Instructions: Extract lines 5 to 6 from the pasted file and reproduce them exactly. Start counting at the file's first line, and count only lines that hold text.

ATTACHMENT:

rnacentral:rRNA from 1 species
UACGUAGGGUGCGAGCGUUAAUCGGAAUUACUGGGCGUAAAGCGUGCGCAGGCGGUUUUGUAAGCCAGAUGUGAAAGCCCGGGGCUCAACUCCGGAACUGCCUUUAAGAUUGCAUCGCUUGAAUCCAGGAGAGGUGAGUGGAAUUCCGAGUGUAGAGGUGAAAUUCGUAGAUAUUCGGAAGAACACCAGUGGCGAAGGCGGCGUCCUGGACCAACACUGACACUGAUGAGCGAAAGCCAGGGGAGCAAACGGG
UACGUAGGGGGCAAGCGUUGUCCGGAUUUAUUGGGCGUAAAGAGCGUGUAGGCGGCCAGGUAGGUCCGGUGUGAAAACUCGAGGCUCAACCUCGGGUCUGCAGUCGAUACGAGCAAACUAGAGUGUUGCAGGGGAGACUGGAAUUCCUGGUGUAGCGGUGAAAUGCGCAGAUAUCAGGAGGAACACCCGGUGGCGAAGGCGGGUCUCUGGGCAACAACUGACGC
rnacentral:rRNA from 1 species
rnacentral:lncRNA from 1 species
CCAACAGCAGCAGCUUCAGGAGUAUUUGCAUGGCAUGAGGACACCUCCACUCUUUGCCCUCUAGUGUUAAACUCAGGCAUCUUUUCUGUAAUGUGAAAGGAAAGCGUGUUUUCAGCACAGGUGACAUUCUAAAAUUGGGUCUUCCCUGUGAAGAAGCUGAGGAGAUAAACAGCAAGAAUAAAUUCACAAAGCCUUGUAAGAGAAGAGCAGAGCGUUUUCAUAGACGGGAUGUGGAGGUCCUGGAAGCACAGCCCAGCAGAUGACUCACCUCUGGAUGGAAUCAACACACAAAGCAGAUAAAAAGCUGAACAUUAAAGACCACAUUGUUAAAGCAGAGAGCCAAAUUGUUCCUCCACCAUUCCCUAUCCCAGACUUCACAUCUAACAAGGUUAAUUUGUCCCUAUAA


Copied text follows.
rnacentral:lncRNA from 1 species
CCAACAGCAGCAGCUUCAGGAGUAUUUGCAUGGCAUGAGGACACCUCCACUCUUUGCCCUCUAGUGUUAAACUCAGGCAUCUUUUCUGUAAUGUGAAAGGAAAGCGUGUUUUCAGCACAGGUGACAUUCUAAAAUUGGGUCUUCCCUGUGAAGAAGCUGAGGAGAUAAACAGCAAGAAUAAAUUCACAAAGCCUUGUAAGAGAAGAGCAGAGCGUUUUCAUAGACGGGAUGUGGAGGUCCUGGAAGCACAGCCCAGCAGAUGACUCACCUCUGGAUGGAAUCAACACACAAAGCAGAUAAAAAGCUGAACAUUAAAGACCACAUUGUUAAAGCAGAGAGCCAAAUUGUUCCUCCACCAUUCCCUAUCCCAGACUUCACAUCUAACAAGGUUAAUUUGUCCCUAUAA